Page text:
The Centers for Medicare and Medicaid Services (CMS) recently announced that Medicare Advantage premiums for 2011 will be, on average 1% lower than in 2010. Medicare beneficiaries who are enrolled in Medicare health and prescription drug plans should, for the most part, will find little or no change in their benefits in 2011, while more drug plans should be offering coverage in the "donut hole," or prescription drug coverage gap. The Affordable Care Act should provide most beneficiaries in Medicare Advantage plans or in original Medicare with access to preventive benefits with no out-of pocket costs.
CMS Administrator Donald Berwick, M.D., states that "Medicare Advantage remains a strong and robust option for millions of seniors who choose to enroll or stay in a participating plan today and in the future. The Affordable Care Act gave us new authority to negotiate with health plans in a competitive marketplace. As a result, our beneficiaries will save money and maintain their benefits." Jonathan Blum, Deputy Administrator and Director of CMS's Center for Medicare, recommends that beneficiaries should review their current health and drug plan coverage and determine what they may need for next year. He says that "Medicare will continue to provide a wide-range of consumer tools to help beneficiaries make the best possible choice of coverage." The annual enrollment period for Medicare Advantage and Medicare Prescription Drug Plans begins November 15th. Beneficiaries should receive their 2011 Medicare & You Handbook and find updated information at www.medicare.gov and 1-800-Medicare in mid-October.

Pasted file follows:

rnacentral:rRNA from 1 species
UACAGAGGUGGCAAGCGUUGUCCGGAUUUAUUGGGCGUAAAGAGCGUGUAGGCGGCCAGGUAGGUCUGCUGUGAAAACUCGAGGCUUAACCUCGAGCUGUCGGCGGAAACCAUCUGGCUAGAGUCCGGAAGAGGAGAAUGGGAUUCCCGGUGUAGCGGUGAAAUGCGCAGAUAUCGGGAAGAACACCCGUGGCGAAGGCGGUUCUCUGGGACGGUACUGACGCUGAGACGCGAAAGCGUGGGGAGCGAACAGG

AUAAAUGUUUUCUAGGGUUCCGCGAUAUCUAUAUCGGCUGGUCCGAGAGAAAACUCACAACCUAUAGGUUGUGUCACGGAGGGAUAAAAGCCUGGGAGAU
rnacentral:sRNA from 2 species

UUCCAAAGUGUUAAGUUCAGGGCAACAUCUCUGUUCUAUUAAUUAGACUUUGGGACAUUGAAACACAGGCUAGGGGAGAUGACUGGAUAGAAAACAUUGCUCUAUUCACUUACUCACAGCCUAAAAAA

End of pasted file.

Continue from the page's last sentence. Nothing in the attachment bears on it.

Almost all Medicare beneficiaries who have access to a Medicare Advantage plan today will continue to have access to a Medicare Advantage plan next year. Around 5% of non-employer beneficiaries enrolled in Medicare Advantage and stand-alone prescription drug plans will have to choose a new health plan or revert to original Medicare in 2011 because their current plan is not renewing its contract with Medicare in 2011. This percentage is similar to percentages in the past five years. Beneficiaries who do not enroll in another health plan will receive coverage under original Medicare, but they will have to enroll in a Part D plan to keep their drug coverage. All Medicare beneficiaries will continue to have many prescription drug plans available from which to choose. CMS will continue to send letters to beneficiaries to ensure that they take the steps necessary to have the health coverage that best meets their needs.
The Affordable Care Act provides some new benefits to Medicare beneficiaries. These benefits include some new free health screenings, free wellness visits, and a 50% discount on brand-name drugs for seniors who fall into the donut hole. Open enrollment materials will have information on these new benefits.
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In 2008, Ms. Smith was named as a Rising Star by Virginia Super Lawyers magazine. Rising Stars names the state's top up-and-coming attorneys.
I have Medicare Advantage MA/PD and I chose zero premium plan with Northeast Community Care (which I believe is now Humana). I have spent approx $45 on drugs. What will change for me?